I DON’T need an opinion poll to tell me “it would be unacceptable for any government in Westminster to block Scotland’s democratic right to choose” (Blackford hails ‘significant’ new polls showing indyref2 support, September 16). This is not a matter of opinion. It is an incontrovertible fact that nobody has the legitimate authority to deny Scotland’s right of self-determination; least of all the entity from which Scotland is “seceding”.

I know I quibble about the language used by SNP politicians such as Ian Blackford and John Swinney. But language is important. Issues are perceived as being defined by the language politicians use. Particularly when operating in a hostile media environment, politicians have to be constantly aware of which narrative they are following. They must be on their guard against slipping into the pervasive narrative of that hostile media. They need to be ever mindful of the language they use.

Of course it would be “unacceptable” for the British government to “block Scotland’s democratic right to choose”! But it would be more than that. It would be wrong! In every sense of the word, it would be wrong! Even to attempt to deny the fundamental democratic right of self-determination is wrong. It cannot be right. It cannot rightfully be done.

Every word spoken by Scotland’s elected representatives should be informed by an unshakeable belief in Scotland’s cause.

Every utterance must be couched in the language of an independent nation. There can never be the slightest suggestion of concessions which could be seen as compromising the sovereignty of Scotland’s people.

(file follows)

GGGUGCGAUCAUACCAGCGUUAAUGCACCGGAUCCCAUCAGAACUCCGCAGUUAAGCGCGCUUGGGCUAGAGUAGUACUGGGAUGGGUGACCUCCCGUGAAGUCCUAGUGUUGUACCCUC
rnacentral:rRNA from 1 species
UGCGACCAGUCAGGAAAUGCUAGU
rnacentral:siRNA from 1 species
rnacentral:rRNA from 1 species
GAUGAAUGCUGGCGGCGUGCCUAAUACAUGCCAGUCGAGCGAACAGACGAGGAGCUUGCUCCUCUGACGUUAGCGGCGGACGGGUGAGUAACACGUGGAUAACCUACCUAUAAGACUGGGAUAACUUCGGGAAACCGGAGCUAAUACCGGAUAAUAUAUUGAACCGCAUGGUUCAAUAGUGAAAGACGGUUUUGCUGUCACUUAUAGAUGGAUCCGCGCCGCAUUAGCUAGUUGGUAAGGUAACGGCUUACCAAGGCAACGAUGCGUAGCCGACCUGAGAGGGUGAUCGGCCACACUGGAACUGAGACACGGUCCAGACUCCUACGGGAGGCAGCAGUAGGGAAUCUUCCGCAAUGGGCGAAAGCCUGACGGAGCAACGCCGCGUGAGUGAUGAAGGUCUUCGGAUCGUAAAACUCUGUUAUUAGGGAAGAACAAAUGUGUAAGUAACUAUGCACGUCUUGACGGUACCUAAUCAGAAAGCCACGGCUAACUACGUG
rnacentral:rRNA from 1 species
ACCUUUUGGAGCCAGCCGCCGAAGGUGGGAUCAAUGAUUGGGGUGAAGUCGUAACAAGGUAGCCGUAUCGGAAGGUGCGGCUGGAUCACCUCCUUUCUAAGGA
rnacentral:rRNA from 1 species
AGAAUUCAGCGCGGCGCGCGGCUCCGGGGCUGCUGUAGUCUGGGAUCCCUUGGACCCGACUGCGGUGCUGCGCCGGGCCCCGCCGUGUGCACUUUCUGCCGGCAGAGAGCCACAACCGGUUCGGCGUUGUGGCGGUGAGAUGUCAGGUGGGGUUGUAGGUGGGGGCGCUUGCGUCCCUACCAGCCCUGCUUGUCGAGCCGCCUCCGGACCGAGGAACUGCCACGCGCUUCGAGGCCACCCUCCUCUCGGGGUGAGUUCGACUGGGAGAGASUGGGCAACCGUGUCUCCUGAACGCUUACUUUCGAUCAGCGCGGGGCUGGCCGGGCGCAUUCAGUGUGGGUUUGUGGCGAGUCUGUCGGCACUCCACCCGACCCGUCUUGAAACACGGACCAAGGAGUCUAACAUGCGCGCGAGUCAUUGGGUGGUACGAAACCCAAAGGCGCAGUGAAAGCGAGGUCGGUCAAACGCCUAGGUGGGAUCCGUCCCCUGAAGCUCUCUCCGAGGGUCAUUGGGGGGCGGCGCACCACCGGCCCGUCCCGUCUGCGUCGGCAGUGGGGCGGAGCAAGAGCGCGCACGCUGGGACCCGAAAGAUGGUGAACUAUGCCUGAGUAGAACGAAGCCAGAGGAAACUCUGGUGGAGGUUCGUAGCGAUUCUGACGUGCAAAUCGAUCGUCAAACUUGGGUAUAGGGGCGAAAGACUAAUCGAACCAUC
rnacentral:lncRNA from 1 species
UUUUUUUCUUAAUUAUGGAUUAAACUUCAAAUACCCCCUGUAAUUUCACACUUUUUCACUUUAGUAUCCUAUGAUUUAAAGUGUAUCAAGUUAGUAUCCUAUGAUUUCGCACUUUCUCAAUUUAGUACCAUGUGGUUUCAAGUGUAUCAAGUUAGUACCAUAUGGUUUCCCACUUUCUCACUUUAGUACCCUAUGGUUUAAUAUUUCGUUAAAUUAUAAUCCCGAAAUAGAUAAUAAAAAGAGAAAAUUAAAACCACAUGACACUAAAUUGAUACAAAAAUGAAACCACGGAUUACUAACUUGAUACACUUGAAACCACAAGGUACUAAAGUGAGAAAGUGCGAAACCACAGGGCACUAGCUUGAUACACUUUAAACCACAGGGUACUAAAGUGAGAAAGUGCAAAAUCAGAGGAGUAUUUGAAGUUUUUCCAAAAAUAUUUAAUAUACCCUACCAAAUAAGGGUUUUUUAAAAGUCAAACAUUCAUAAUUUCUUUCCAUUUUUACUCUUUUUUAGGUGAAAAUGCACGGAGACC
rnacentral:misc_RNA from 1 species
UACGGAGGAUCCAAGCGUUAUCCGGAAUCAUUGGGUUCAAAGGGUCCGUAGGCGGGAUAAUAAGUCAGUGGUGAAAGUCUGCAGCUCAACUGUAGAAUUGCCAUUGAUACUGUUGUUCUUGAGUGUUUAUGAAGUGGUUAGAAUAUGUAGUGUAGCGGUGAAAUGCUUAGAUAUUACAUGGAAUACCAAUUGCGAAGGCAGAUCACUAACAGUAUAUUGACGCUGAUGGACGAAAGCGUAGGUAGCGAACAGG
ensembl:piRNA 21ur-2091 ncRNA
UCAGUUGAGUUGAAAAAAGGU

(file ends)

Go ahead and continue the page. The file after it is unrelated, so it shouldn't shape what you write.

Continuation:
If Scotland’s right of self-determination is not subject to the approval of the British political elite, how much less might it be affected by the vagaries of opinion polls? Only the parliament elected by the people of Scotland has the legitimate authority to determine whether there is sufficient demand to warrant a constitutional referendum in Scotland. Our Parliament has already made that determination. Opinion polls are irrelevant.

The notion that the opinions of people furth of Scotland might have some bearing on the matter of a new independence referendum is beyond ridiculous. It is a matter for the Scottish people alone.

So why the hell is Ian Blackford hailing this poll as “significant”? Why is he not challenging the narrative which imbues it with significance? Why is he using such inappropriate language?

Peter A Bell
via thenational.scot

A SHORT response to Peter A Bell’s reaction (Website Comments, September 13) to my letter of September 12. I fully understand and appreciate the points that Peter makes.

The opinion I expressed was a purely hypothetical one. Had I given all of the hypothetical circumstances in such a scenario, my letter would have been exceedingly long.

Of course I understand that self-determination is a right of the Scottish people and is not a gift of any Westminster Prime Minister. Would that be a reason to refuse it were it offered?

For 50,000 years, I have been active in trade unionism, community and general politics. Throughout that time, never have I witnessed politics events happening like those of the past number of years.

I have arrived at the film conclusion now that nothing can be dismissed or excluded from making judgments or assessments (not something that was ever a weakness of mine anyway) as to what might happen in politics.

Bobby Brennan